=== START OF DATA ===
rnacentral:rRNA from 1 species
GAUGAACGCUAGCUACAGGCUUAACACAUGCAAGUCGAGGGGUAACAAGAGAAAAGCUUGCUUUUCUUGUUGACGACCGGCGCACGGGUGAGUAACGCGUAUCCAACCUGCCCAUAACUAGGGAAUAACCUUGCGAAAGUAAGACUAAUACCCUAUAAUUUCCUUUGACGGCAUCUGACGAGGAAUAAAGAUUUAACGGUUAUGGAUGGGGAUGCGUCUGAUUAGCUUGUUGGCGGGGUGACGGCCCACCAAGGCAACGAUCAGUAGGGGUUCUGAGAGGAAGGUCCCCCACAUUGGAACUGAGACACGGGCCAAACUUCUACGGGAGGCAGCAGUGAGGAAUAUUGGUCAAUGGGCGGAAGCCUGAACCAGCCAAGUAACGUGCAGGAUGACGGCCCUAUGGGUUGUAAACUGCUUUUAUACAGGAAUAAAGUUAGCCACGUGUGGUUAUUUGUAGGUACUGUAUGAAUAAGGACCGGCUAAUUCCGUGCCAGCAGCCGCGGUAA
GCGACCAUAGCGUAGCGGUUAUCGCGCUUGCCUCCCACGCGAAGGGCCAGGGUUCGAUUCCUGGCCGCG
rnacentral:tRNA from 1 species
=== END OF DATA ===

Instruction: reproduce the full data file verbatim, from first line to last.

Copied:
rnacentral:rRNA from 1 species
GAUGAACGCUAGCUACAGGCUUAACACAUGCAAGUCGAGGGGUAACAAGAGAAAAGCUUGCUUUUCUUGUUGACGACCGGCGCACGGGUGAGUAACGCGUAUCCAACCUGCCCAUAACUAGGGAAUAACCUUGCGAAAGUAAGACUAAUACCCUAUAAUUUCCUUUGACGGCAUCUGACGAGGAAUAAAGAUUUAACGGUUAUGGAUGGGGAUGCGUCUGAUUAGCUUGUUGGCGGGGUGACGGCCCACCAAGGCAACGAUCAGUAGGGGUUCUGAGAGGAAGGUCCCCCACAUUGGAACUGAGACACGGGCCAAACUUCUACGGGAGGCAGCAGUGAGGAAUAUUGGUCAAUGGGCGGAAGCCUGAACCAGCCAAGUAACGUGCAGGAUGACGGCCCUAUGGGUUGUAAACUGCUUUUAUACAGGAAUAAAGUUAGCCACGUGUGGUUAUUUGUAGGUACUGUAUGAAUAAGGACCGGCUAAUUCCGUGCCAGCAGCCGCGGUAA
GCGACCAUAGCGUAGCGGUUAUCGCGCUUGCCUCCCACGCGAAGGGCCAGGGUUCGAUUCCUGGCCGCG
rnacentral:tRNA from 1 species